Adding more walls to the castle is great, but the war against would-be hackers is always an arms race. Obviously, password manager providers are going to be prime targets for the best of the best cyber-thieves.
If someone were to get in and export vaults, the only thing that stands between the hacker and user’s data is the password. And while good passwords are always important, I’m ultimately human and memorizing a truly random 75 character password is something that’s not really feasible. (Nor is inputting a password like that practical).
I could use a yubikey to simply type in an outrageously long password as a macro for me, but then I’m shifting my security from something I know to something I have, which has tradeoffs.
By using a hardware device as a secret key, I can instead use a more reasonable password while maintaining a much higher resiliency against brute force attacks.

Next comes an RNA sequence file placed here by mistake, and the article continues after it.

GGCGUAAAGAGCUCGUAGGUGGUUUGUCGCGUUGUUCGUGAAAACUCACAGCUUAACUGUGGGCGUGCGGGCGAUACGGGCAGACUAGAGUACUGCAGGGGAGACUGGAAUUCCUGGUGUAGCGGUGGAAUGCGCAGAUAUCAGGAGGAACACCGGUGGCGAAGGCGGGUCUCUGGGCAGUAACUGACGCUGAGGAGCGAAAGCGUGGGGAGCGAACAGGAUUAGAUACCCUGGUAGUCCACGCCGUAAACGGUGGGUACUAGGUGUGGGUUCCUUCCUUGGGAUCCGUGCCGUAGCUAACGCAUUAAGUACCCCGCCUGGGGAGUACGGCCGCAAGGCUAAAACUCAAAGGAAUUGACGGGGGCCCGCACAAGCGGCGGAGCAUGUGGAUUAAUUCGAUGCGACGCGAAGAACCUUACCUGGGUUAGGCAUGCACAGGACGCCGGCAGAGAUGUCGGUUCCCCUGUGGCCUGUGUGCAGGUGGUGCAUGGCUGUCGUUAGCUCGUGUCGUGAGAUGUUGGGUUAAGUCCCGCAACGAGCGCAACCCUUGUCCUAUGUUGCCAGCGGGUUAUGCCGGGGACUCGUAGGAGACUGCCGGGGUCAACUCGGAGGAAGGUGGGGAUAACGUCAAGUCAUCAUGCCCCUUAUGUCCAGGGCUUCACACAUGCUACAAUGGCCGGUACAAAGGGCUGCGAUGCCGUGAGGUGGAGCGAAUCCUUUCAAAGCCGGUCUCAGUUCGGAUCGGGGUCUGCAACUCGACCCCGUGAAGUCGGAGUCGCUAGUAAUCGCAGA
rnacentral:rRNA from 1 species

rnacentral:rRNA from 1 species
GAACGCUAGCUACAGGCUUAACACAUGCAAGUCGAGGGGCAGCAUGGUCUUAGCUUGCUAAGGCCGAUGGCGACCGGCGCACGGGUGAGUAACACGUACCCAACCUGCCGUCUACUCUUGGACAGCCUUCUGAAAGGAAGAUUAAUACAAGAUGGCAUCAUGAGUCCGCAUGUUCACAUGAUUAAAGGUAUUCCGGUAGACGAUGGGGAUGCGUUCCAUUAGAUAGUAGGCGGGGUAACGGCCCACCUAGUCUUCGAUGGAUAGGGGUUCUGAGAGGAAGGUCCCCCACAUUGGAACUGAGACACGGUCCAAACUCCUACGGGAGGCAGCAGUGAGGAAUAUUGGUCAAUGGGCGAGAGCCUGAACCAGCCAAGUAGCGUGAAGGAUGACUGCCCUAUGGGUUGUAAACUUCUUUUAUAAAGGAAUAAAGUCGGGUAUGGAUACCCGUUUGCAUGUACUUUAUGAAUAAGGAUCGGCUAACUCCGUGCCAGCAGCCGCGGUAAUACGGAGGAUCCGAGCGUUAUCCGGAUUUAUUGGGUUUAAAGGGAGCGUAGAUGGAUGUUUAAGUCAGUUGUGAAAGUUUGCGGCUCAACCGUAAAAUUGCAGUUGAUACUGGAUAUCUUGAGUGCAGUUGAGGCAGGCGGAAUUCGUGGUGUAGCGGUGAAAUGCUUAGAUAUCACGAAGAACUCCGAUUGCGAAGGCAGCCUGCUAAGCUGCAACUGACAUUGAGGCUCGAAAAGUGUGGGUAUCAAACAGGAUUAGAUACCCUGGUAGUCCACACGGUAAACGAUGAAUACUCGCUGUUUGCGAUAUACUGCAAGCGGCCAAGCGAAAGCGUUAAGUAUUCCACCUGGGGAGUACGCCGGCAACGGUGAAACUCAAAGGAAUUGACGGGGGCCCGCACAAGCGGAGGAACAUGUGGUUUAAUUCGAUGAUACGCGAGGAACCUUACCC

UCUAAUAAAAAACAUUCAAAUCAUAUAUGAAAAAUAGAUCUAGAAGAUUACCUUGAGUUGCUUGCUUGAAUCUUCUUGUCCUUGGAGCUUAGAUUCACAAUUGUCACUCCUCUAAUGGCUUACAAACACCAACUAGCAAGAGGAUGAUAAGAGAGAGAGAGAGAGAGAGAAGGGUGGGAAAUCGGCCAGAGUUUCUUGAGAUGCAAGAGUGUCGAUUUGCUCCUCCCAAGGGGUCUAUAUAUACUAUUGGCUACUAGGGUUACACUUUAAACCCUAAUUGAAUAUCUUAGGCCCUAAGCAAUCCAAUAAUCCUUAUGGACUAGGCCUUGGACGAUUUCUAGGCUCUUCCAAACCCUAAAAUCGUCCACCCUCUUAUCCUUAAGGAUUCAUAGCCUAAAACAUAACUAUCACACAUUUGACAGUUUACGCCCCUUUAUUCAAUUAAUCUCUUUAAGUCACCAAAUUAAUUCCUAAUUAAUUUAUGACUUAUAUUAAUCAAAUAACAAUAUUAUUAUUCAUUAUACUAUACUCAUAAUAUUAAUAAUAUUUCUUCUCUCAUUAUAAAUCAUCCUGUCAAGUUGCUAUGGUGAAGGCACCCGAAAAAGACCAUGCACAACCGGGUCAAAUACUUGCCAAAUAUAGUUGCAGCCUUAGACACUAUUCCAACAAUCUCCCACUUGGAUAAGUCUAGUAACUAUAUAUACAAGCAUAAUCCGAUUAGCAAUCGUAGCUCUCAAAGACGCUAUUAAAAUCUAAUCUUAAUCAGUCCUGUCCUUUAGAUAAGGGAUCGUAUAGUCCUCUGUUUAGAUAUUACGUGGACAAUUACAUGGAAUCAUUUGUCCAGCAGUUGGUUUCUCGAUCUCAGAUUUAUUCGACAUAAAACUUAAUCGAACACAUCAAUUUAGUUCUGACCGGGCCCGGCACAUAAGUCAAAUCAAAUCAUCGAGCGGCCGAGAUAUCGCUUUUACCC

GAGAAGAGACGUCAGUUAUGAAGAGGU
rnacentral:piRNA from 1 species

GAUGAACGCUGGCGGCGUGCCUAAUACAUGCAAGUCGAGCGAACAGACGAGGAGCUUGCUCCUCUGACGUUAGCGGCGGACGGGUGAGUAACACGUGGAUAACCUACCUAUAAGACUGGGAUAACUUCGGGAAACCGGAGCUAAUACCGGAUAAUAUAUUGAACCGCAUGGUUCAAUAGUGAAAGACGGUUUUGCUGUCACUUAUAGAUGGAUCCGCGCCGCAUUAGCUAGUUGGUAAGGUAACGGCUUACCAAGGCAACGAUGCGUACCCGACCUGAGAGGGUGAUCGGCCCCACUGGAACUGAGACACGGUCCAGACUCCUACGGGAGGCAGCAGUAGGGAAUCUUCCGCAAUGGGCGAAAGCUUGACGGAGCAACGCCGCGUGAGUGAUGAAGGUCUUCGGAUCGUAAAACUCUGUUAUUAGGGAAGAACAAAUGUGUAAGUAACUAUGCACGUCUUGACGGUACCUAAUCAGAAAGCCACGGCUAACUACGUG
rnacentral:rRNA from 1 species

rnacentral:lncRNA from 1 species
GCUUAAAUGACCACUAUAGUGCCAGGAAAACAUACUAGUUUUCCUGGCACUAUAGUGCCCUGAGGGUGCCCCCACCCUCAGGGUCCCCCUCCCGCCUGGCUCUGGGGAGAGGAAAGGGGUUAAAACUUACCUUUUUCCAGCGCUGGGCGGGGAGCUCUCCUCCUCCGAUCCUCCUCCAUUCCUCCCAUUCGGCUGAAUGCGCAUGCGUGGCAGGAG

First and foremost, you should keep your devices secure. Lock them when not in use, and do not let other people use your devices. For added security, you can use various available solutions for whole-drive encryption (e.g., Bitlocker, VeraCrypt, etc.).
Second, there is absolutely no need to use a random 75-character password.
Your master password should be a a randomly generated passphrase, consisting of a string of words that have been randomly selected from a list of 5000 or more words (using a passphrase generator). Even using a passphrase of only 4 random words should provide sufficient security for the vast majority of users. For added security, some users prefer to use passphrases consisting of 5-7 words. These passphrases can be readily memorized with a little bit of practice, they are easy to type, and they provide all the security that you need for your vault encryption.
Random passphrases with words selected from a 7776-word diceware wordlist (such as the EFF wordlist that is used by Bitwarden’s passphrase generator) provide 13 bits of entropy per word, so you would get 52 bits of entropy with only 4 words, and 90 bits of entropy with 7 words. There should be no need for higher master password entropy unless you are a highly targeted “Enemy of the State”.